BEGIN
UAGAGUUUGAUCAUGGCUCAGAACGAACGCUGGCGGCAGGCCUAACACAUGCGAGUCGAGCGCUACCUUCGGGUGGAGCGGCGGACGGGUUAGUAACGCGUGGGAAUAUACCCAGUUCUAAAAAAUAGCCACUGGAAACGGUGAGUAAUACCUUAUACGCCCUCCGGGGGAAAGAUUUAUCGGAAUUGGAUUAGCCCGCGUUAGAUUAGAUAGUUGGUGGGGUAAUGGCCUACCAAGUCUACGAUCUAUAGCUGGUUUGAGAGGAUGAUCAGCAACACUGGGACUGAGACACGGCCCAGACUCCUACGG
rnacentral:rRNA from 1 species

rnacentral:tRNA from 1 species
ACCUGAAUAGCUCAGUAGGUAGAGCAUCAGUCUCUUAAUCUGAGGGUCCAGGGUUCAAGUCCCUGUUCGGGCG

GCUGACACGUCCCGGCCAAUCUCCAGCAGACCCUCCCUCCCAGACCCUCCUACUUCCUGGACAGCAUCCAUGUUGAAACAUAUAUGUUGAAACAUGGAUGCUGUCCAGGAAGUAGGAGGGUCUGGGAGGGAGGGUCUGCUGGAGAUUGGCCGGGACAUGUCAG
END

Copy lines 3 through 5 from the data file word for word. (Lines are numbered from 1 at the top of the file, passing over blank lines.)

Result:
rnacentral:tRNA from 1 species
ACCUGAAUAGCUCAGUAGGUAGAGCAUCAGUCUCUUAAUCUGAGGGUCCAGGGUUCAAGUCCCUGUUCGGGCG

GCUGACACGUCCCGGCCAAUCUCCAGCAGACCCUCCCUCCCAGACCCUCCUACUUCCUGGACAGCAUCCAUGUUGAAACAUAUAUGUUGAAACAUGGAUGCUGUCCAGGAAGUAGGAGGGUCUGGGAGGGAGGGUCUGCUGGAGAUUGGCCGGGACAUGUCAG